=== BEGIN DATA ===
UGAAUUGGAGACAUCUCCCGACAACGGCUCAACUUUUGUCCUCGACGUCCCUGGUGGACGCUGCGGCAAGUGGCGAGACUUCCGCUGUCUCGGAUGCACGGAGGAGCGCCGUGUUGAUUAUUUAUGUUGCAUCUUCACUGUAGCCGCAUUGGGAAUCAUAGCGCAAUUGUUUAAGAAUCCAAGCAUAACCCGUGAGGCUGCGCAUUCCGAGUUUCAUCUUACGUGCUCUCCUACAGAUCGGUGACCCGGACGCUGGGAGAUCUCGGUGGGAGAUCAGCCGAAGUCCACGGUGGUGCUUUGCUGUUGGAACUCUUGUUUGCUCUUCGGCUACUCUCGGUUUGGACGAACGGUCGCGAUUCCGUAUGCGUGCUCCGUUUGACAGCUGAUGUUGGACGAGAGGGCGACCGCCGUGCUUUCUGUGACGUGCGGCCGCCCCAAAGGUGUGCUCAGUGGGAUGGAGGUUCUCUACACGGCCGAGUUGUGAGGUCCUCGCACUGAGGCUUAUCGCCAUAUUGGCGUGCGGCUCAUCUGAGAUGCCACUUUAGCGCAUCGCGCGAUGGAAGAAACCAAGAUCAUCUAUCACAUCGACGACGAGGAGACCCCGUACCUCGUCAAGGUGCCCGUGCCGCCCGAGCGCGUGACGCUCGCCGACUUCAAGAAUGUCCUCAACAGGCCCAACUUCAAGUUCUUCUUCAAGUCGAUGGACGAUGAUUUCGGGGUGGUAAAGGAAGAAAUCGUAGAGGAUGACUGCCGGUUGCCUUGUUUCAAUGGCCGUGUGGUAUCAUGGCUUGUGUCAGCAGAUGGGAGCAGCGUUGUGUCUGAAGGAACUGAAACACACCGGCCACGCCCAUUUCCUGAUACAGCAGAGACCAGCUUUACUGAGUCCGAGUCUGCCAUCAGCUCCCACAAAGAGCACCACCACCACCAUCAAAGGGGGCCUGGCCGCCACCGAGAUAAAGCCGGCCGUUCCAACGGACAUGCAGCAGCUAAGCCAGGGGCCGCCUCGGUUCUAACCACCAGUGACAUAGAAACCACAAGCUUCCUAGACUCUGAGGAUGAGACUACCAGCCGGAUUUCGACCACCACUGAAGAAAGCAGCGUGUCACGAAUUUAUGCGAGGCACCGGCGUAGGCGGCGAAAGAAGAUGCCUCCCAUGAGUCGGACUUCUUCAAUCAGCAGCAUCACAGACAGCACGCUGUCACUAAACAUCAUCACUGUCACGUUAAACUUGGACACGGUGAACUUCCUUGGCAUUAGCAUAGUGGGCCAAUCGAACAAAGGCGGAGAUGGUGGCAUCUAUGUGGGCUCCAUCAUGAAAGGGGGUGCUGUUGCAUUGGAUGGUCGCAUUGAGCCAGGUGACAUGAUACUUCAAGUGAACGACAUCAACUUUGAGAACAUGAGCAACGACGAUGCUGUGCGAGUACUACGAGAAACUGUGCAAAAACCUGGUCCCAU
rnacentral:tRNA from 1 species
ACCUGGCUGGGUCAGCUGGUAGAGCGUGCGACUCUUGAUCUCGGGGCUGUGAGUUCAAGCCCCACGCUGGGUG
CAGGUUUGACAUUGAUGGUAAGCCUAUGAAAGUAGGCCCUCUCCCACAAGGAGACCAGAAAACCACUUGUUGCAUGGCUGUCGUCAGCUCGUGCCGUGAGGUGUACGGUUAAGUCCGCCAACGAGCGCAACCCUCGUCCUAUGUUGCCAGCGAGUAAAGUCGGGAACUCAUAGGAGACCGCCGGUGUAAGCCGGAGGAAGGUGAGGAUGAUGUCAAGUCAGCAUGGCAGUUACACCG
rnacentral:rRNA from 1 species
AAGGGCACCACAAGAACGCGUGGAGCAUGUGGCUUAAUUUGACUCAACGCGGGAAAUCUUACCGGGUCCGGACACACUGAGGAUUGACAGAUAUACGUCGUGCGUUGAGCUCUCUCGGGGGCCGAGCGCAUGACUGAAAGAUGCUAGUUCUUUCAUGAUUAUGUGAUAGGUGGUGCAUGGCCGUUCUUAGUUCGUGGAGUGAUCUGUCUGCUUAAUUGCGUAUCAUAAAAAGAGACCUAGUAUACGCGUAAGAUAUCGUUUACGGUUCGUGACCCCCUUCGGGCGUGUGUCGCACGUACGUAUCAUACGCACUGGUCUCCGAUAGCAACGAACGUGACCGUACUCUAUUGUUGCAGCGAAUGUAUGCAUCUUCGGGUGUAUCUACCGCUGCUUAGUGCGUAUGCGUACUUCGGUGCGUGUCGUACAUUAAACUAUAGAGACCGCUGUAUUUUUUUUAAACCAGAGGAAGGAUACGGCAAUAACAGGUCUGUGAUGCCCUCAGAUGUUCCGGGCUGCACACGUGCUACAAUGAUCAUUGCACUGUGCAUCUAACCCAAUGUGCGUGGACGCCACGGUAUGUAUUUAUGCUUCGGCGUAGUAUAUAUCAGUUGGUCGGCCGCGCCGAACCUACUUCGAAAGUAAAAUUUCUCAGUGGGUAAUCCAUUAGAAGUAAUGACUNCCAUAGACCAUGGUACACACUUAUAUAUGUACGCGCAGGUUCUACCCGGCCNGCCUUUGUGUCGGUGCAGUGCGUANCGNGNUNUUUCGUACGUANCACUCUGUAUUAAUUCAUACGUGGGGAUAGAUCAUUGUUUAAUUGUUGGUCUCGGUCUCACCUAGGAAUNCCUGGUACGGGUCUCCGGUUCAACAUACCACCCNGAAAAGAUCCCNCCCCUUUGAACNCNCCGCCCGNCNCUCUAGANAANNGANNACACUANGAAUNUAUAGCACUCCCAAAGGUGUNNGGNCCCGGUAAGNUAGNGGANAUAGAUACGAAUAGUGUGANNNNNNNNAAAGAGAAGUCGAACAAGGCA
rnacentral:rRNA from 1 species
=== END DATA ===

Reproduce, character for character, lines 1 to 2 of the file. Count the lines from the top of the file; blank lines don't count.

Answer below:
UGAAUUGGAGACAUCUCCCGACAACGGCUCAACUUUUGUCCUCGACGUCCCUGGUGGACGCUGCGGCAAGUGGCGAGACUUCCGCUGUCUCGGAUGCACGGAGGAGCGCCGUGUUGAUUAUUUAUGUUGCAUCUUCACUGUAGCCGCAUUGGGAAUCAUAGCGCAAUUGUUUAAGAAUCCAAGCAUAACCCGUGAGGCUGCGCAUUCCGAGUUUCAUCUUACGUGCUCUCCUACAGAUCGGUGACCCGGACGCUGGGAGAUCUCGGUGGGAGAUCAGCCGAAGUCCACGGUGGUGCUUUGCUGUUGGAACUCUUGUUUGCUCUUCGGCUACUCUCGGUUUGGACGAACGGUCGCGAUUCCGUAUGCGUGCUCCGUUUGACAGCUGAUGUUGGACGAGAGGGCGACCGCCGUGCUUUCUGUGACGUGCGGCCGCCCCAAAGGUGUGCUCAGUGGGAUGGAGGUUCUCUACACGGCCGAGUUGUGAGGUCCUCGCACUGAGGCUUAUCGCCAUAUUGGCGUGCGGCUCAUCUGAGAUGCCACUUUAGCGCAUCGCGCGAUGGAAGAAACCAAGAUCAUCUAUCACAUCGACGACGAGGAGACCCCGUACCUCGUCAAGGUGCCCGUGCCGCCCGAGCGCGUGACGCUCGCCGACUUCAAGAAUGUCCUCAACAGGCCCAACUUCAAGUUCUUCUUCAAGUCGAUGGACGAUGAUUUCGGGGUGGUAAAGGAAGAAAUCGUAGAGGAUGACUGCCGGUUGCCUUGUUUCAAUGGCCGUGUGGUAUCAUGGCUUGUGUCAGCAGAUGGGAGCAGCGUUGUGUCUGAAGGAACUGAAACACACCGGCCACGCCCAUUUCCUGAUACAGCAGAGACCAGCUUUACUGAGUCCGAGUCUGCCAUCAGCUCCCACAAAGAGCACCACCACCACCAUCAAAGGGGGCCUGGCCGCCACCGAGAUAAAGCCGGCCGUUCCAACGGACAUGCAGCAGCUAAGCCAGGGGCCGCCUCGGUUCUAACCACCAGUGACAUAGAAACCACAAGCUUCCUAGACUCUGAGGAUGAGACUACCAGCCGGAUUUCGACCACCACUGAAGAAAGCAGCGUGUCACGAAUUUAUGCGAGGCACCGGCGUAGGCGGCGAAAGAAGAUGCCUCCCAUGAGUCGGACUUCUUCAAUCAGCAGCAUCACAGACAGCACGCUGUCACUAAACAUCAUCACUGUCACGUUAAACUUGGACACGGUGAACUUCCUUGGCAUUAGCAUAGUGGGCCAAUCGAACAAAGGCGGAGAUGGUGGCAUCUAUGUGGGCUCCAUCAUGAAAGGGGGUGCUGUUGCAUUGGAUGGUCGCAUUGAGCCAGGUGACAUGAUACUUCAAGUGAACGACAUCAACUUUGAGAACAUGAGCAACGACGAUGCUGUGCGAGUACUACGAGAAACUGUGCAAAAACCUGGUCCCAU
rnacentral:tRNA from 1 species